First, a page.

| Part 2
| Part 3
[Editor's Note: In Florence Wetzel's in-depth interview with Ron Miles, the Colorado-based trumpeter covers the rest of his releases, including an exclusive first look at his forthcoming album, Quiver
(Enja, 2012), due out later this year.] Chapter Index
Laughing Barrel AAJ:
- Laughing Barrel
- Practicing and Composing
- Thoughts on Performing
- Self-Promotion and Careers
- The Colorado Sound
So next you have another Sterling Circle release, Laughing Barrel
(2003), which has seven tunes, all your original compositions. Rudy Royston is on drums, and you have two other great musicians: the bassist Anthony Cox
and the guitarist Brandon Ross
. Could speak a bit about Anthony and Brandon, and how they came together with you on this release?RM:
Well, Anthony was going to be on that record in the early '90s when I was first trying to contact Bill. He was on the list of my favorite bass players that I wanted to reach out to; his album Dark Metals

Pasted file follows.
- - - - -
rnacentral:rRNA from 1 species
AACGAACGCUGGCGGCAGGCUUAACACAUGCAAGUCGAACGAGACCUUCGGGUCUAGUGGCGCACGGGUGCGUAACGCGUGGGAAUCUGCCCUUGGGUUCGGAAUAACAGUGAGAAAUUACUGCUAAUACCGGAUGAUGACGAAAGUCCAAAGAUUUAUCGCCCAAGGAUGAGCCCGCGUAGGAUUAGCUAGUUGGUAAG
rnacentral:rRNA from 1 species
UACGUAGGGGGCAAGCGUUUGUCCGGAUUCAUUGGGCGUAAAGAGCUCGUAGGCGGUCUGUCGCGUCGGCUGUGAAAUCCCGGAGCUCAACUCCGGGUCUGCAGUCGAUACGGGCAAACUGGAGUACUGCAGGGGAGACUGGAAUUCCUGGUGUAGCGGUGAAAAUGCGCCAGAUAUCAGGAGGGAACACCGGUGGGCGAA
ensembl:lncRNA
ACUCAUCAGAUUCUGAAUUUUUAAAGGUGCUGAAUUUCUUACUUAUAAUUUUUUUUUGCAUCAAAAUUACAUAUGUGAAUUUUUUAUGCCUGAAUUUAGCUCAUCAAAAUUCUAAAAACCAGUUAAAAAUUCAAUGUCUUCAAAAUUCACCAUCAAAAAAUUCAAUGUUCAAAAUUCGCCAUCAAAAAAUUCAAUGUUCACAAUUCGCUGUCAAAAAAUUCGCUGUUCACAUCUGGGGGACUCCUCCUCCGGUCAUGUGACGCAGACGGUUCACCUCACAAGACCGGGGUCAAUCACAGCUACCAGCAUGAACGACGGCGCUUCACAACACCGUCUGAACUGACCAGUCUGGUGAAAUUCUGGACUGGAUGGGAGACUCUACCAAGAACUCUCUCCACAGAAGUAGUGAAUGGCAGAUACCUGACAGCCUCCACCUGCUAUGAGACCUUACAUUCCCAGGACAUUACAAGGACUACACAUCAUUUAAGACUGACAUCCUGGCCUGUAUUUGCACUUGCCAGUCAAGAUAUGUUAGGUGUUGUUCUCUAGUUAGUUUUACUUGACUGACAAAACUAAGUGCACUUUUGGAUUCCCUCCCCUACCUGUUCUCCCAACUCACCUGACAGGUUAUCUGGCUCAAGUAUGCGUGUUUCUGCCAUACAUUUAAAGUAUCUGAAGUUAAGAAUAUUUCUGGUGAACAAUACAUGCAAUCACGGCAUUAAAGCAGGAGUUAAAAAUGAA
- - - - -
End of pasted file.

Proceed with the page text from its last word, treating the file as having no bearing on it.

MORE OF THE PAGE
(Polygram, 1992) had just come out then, and he had those great records with saxophonist Joe Lovano
. I was a huge Anthony Cox fan. He actually said back then that he would do the record, and so we stayed in touch a little bit.
I knew Brandon from singer Cassandra Wilson
's records and saxophonist Henry Threadgill
, and I was just a huge, huge fan. He had heard My Cruel Heart
, and he told me that at first he thought it was a guitarist's record, because the song "Finger Palace" starts off the album with a big, heavy guitar riff. I think whoever was playing it for him said, "I think this is some guitarist's record," and Brandon said, "Yeah, but who's the trumpet player? That's who I'm interested in." I think Brandon maybe even contacted me at some point. And I thought, "Man, this would be so great to get these guys together and play!"